The final word

Dear Bugged, Understood. Your trespass is forgiven. You were not slinking through your wife's telephone records with a fake mustache, French accent and heavy frames. You were not prompted by suspicion: “the discovery was innocent.” And yet, for reasons far beyond this one, your findings must be acknowledged.

Truth be told, while I am concerned for you, I am more concerned for your wife. Surely she has some heft of brain and wit. Surely she knows the only response to a hulk's “pumped up big time” overture is a complete media blackout, the equivalent of disappearing from the screen, a cyberspace Houdini. Surely she knows this confused, abbreviated sexual simile offered by a confused, abbreviated sexual primate does not deserve a reply – let alone a conversation. Where, dear Bugged, is her self-respect? Does she welcome the attention she gets – however base? Or, more likely, is she afraid of losing her job?

While I disagree with Blow His Own Horn Moore's deduction that you should leave her to handle it, I appreciate his retorts and encourage you to parcel them out to your wife at an appropriate time.

Your first step is to talk to her. As Dangerous Territory Lindenberger wisely urges: Disclose and apologize for your transgression. Ask her for the truth. Why is she allowing this kind of crude dispatch from her thick-of-brow boss? Why has she not quashed it? As Lindenberger challenges: Is her boss replacing a charge that has been “lost” between you?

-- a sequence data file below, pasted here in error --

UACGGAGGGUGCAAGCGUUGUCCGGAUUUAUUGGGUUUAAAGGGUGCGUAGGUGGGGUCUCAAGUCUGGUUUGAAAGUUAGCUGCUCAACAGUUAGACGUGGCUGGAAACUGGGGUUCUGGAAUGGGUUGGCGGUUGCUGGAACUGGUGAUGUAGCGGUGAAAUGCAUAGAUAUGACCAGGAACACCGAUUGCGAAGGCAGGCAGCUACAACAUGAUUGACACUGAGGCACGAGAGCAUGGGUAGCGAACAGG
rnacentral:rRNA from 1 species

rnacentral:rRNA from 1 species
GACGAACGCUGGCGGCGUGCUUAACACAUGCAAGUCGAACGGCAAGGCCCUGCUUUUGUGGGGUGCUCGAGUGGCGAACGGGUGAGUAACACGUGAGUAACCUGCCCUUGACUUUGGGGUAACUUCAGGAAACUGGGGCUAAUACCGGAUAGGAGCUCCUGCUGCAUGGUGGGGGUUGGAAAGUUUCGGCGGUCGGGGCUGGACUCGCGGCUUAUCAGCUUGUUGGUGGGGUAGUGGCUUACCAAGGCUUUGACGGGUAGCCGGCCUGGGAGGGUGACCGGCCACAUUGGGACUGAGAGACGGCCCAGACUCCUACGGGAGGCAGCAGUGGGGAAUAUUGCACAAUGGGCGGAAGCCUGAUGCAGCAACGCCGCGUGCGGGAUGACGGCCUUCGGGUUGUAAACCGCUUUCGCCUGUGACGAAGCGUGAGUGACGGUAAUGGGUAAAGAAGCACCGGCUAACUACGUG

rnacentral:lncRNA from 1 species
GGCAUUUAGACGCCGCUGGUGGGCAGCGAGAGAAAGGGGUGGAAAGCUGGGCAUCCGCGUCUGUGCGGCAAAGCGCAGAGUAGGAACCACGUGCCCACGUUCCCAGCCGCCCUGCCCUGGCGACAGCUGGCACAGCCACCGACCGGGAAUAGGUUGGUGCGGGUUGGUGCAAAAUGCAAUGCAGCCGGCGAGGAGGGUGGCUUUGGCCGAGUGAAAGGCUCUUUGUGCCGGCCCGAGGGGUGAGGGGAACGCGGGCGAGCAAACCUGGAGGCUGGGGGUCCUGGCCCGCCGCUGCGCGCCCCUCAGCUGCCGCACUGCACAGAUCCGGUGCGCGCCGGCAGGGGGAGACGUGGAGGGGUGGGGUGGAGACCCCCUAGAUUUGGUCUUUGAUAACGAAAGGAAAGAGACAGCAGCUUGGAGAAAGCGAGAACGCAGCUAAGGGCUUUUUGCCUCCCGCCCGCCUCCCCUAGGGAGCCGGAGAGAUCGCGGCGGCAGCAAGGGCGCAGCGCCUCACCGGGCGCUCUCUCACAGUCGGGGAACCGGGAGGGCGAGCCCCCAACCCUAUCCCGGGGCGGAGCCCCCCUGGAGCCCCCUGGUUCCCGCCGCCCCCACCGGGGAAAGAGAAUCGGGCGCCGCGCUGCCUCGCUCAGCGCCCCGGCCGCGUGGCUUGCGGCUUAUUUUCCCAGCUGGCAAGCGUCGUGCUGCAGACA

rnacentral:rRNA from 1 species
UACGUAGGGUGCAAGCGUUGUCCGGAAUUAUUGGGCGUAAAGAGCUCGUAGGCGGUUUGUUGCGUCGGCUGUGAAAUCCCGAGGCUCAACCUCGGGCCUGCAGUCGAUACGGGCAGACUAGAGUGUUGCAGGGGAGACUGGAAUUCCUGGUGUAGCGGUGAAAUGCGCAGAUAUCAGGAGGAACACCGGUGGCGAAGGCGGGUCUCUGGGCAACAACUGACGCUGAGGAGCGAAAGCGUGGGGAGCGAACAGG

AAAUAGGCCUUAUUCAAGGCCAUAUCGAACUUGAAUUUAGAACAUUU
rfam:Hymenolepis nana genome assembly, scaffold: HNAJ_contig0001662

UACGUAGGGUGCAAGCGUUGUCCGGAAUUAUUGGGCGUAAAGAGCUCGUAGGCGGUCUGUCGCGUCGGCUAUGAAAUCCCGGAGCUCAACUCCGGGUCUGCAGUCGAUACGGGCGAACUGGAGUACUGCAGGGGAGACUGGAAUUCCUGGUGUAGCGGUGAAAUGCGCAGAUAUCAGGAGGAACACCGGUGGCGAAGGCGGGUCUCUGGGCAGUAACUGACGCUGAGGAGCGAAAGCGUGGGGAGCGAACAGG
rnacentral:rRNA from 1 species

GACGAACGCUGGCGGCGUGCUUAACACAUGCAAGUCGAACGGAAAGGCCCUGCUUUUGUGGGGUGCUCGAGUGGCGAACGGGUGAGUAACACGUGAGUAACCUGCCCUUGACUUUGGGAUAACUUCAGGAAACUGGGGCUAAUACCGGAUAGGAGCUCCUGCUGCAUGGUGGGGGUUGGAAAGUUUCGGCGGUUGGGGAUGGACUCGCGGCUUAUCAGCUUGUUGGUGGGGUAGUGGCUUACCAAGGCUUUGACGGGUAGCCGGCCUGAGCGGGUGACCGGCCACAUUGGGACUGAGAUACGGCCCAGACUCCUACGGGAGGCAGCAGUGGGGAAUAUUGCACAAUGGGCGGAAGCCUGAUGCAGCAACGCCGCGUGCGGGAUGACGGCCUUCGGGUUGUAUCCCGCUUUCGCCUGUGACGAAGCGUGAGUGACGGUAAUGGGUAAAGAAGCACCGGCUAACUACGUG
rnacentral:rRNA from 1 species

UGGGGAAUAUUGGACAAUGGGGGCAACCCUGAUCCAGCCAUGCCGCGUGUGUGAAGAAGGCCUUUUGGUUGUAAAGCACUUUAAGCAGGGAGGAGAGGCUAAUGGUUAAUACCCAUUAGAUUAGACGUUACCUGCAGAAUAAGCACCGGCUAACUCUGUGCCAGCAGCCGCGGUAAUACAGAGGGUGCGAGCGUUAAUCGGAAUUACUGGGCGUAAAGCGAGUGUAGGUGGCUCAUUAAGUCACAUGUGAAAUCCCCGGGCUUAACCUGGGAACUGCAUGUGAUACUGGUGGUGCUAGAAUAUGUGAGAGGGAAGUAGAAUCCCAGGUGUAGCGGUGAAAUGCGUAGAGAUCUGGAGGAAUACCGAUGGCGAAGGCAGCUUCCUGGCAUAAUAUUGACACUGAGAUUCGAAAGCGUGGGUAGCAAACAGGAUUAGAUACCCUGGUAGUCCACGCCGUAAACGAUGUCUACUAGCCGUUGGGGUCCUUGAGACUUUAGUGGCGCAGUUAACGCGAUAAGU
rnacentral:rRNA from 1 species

But far more pressing, and the source of my concern: Your wife is being harassed. Get to the bottom of her strategy. Is she “joking” and remaining neutral to protect her position? If so, she has other options. And, more disturbing, why has she not come to you to discuss them?

Support Her Burwell provides a clear course of action. Your wife must document the exchanges; order her boss to stop his pre-adolescent innuendo; and if he does not, go to HR – whatever the fallout. Harassment is a tacky and threatening snare – far more grievous than being “bugged.”


Next week's question

I survived my first year of medical school with a solid set of friends – friends whom I'd want as bridesmaids and godparents to any kids I would have one day. Then, this year rolled around and we drifted apart. Huge events took place in our lives and we went in opposite directions. I've tried to reach out but I'm met with silence. What should I do? My little sister says they're jealous of me and I should just break off these friendships.

Click here to contribute your widsom.


Claudia Dey's first novel, Stunt, was published by Coach House Books in April. Her website is